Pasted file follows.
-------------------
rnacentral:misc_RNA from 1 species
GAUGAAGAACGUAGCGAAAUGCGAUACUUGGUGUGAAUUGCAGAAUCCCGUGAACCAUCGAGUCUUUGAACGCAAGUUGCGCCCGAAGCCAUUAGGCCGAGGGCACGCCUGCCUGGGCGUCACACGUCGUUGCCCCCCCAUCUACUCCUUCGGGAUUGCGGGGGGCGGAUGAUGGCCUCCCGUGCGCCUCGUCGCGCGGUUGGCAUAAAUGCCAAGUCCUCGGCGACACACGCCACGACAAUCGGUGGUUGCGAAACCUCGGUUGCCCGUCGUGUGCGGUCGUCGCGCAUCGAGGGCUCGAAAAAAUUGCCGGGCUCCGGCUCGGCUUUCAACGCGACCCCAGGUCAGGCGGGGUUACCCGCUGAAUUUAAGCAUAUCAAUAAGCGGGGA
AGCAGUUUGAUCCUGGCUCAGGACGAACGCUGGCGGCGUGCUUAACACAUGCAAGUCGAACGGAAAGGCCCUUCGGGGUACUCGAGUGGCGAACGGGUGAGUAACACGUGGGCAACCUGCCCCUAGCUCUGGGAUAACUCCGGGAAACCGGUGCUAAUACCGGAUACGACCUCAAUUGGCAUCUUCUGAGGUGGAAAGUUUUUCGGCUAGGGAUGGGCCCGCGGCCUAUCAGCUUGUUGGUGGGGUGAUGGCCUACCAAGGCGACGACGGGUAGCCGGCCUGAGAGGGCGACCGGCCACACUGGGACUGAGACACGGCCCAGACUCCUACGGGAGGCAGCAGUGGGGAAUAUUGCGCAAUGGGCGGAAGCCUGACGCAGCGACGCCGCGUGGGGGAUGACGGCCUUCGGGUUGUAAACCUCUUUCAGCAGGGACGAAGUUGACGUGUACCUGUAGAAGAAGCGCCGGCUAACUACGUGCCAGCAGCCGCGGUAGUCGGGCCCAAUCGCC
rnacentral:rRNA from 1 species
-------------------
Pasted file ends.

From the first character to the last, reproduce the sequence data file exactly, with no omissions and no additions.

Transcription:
rnacentral:misc_RNA from 1 species
GAUGAAGAACGUAGCGAAAUGCGAUACUUGGUGUGAAUUGCAGAAUCCCGUGAACCAUCGAGUCUUUGAACGCAAGUUGCGCCCGAAGCCAUUAGGCCGAGGGCACGCCUGCCUGGGCGUCACACGUCGUUGCCCCCCCAUCUACUCCUUCGGGAUUGCGGGGGGCGGAUGAUGGCCUCCCGUGCGCCUCGUCGCGCGGUUGGCAUAAAUGCCAAGUCCUCGGCGACACACGCCACGACAAUCGGUGGUUGCGAAACCUCGGUUGCCCGUCGUGUGCGGUCGUCGCGCAUCGAGGGCUCGAAAAAAUUGCCGGGCUCCGGCUCGGCUUUCAACGCGACCCCAGGUCAGGCGGGGUUACCCGCUGAAUUUAAGCAUAUCAAUAAGCGGGGA
AGCAGUUUGAUCCUGGCUCAGGACGAACGCUGGCGGCGUGCUUAACACAUGCAAGUCGAACGGAAAGGCCCUUCGGGGUACUCGAGUGGCGAACGGGUGAGUAACACGUGGGCAACCUGCCCCUAGCUCUGGGAUAACUCCGGGAAACCGGUGCUAAUACCGGAUACGACCUCAAUUGGCAUCUUCUGAGGUGGAAAGUUUUUCGGCUAGGGAUGGGCCCGCGGCCUAUCAGCUUGUUGGUGGGGUGAUGGCCUACCAAGGCGACGACGGGUAGCCGGCCUGAGAGGGCGACCGGCCACACUGGGACUGAGACACGGCCCAGACUCCUACGGGAGGCAGCAGUGGGGAAUAUUGCGCAAUGGGCGGAAGCCUGACGCAGCGACGCCGCGUGGGGGAUGACGGCCUUCGGGUUGUAAACCUCUUUCAGCAGGGACGAAGUUGACGUGUACCUGUAGAAGAAGCGCCGGCUAACUACGUGCCAGCAGCCGCGGUAGUCGGGCCCAAUCGCC
rnacentral:rRNA from 1 species